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One, ensure that the filing process in done and in time. The common situation where lawyers give processes to clients to go and file must be abhorred with the strictest of spite. It is an unprofessional way to doing a professional work. Perhaps it will help the court greatly not to accept filing process that is not done by a lawyer or a registered clerk from a licensed law firm.

Two, court appearance by counsel and plaintiff/defendant is necessary. There are many instances where lawyers fail to turn up in court without the client’s knowledge. This is another common unprofessional act of many lawyers particularly the untutored lawyer.

Three, grooming of lawyers forms part of the practice. Need I say that there are many tattered lawyers who should not be allowed to appear before any court even the remotest district court in a village in Ghana. The prescribed legal apparel must always be worn.

Four, adhering to time by the court is usually flouted by lawyers. This is another trait of the untutored lawyer. They always show up late and when they happen to have considerable years of practice, they coarse younger lawyers to have their case heard. Being in court on time and getting settled before your case is called gives you time to reflect and be emotionally stable.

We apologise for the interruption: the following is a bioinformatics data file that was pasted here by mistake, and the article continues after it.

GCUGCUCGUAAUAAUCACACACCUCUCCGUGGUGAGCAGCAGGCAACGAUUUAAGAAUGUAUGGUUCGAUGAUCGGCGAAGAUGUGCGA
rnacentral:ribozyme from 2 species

A tutored lawyer must be courageous and have a fighting spirit. Being emotional in prosecuting your case is necessary. You can’t distance your emotions from a case that you are determined to win. Yes, the level of emotion must be balanced so as not to be perceived as arrogant to the judge.

  1. Legal outsourcing

In my estimation, one of the undeveloped strategy in legal practice in Ghana is legal outsourcing. This is where a lawyer takes up a case and in consultation with the client outsource the case to another law firm that has better expertise to handle the case. The development of Ghana’s legal system will be to encourage more legal outsourcing not only on the case per se but also in general management of law firms. In future, I will write extensively on the subject of legal outsourcing.

Conclusion

The prestige given to the legal profession and the court does not reflect recent trends in the legal Ghanaian legal system. Right from admission to the professional law course, administrative misappropriation, administering of justice, ethics of the profession, but to mention a few, this has given rise to many lawyers adopting the act of thievery clothed as strategy in their practice. Will Ghana’s legal practice be a shining example again? We need a restoration of confidence in the Ghanaian legal system. After all, it is not all about money and who the highest bidder is. It is about the God factor and knowing that we shall one day appear before a greater Judge, we should be guided in this temporal position.